Blog: One of the strongest myth when it comes to legal processing of personal data, are the myth(s) surrounding consent:
- If you have consent, it is always legal to process personal data. That is not correct. Consent is one of the options that may provide for legal processing of personal data in accordance with article 6 or 9. However, you still need to have a legitimate and fair purpose and legal processing must also be proportionate, all in accordance with article 5.
- You shall always have permission to process personal data. That is not correct. You may be required to process personal data due to a legal obligation, due to contractual obligations or even if you can demonstrate legitimate interest. The GDPR provides for several other options that may provide for legal processing of personal data, even sensitive data, without consent or permission.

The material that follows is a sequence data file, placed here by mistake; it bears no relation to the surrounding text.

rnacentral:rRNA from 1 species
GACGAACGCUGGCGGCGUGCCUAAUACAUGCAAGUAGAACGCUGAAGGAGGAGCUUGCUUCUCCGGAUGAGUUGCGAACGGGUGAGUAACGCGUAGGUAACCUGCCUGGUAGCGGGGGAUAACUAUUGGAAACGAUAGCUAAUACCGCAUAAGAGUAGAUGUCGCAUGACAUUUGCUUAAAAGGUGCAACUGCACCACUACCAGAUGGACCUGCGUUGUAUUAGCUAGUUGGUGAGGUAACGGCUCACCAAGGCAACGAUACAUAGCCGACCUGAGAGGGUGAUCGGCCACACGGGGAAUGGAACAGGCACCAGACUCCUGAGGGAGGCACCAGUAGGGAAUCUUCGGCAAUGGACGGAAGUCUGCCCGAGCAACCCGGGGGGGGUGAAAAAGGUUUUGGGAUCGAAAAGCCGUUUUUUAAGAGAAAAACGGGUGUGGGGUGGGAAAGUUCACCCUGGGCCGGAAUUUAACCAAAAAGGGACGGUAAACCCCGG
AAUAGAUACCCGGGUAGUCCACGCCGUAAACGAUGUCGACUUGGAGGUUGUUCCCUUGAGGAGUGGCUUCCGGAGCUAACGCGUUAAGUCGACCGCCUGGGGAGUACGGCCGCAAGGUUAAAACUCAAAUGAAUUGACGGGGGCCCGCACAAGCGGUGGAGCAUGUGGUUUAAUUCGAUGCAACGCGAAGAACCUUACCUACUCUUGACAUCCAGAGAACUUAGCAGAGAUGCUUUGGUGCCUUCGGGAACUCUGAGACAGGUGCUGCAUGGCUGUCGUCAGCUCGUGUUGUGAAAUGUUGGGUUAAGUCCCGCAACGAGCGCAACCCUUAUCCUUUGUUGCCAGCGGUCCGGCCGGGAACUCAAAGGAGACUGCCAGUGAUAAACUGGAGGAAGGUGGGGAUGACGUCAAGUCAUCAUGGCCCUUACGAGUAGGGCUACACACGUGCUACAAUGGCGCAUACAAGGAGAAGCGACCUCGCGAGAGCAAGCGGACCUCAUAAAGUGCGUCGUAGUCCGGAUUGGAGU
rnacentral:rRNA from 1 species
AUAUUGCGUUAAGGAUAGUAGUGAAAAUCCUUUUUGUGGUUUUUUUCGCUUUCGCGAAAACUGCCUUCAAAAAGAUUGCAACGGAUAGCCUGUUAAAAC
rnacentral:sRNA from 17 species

These myths continue to live which is partly because the two-sided assessment of legal processing (legitimate/fair purpose, see article 5, AND legal foundation in primarily article 6 or 9) is so difficult for even legal people to grab.
The journalists try very hard to bring light to the complicated area but by doing that they also add to the misunderstandings.
Recent example – Jim Chisholm in PressGazette 19/9/2017 in Why European Union’s General Data Protection Regulation directive could save the journalism industry:
The principle behind GDPR is that every individual must provide permission for their personal data to be used, in context and form. Every database holder must demonstrate such permission and also permission for that data to be shared with another holder.
That is not correct. You do not need permission from every individual for their personal data to be used or shared with another holder. It may in some instances be required but that is not the principle behind legal processing in accordance with GDPR.
Why I am not sure I can agree with Mr. Chisholm that the GDPR will save the journalism industry if his article represent accuracy and quality in journalism.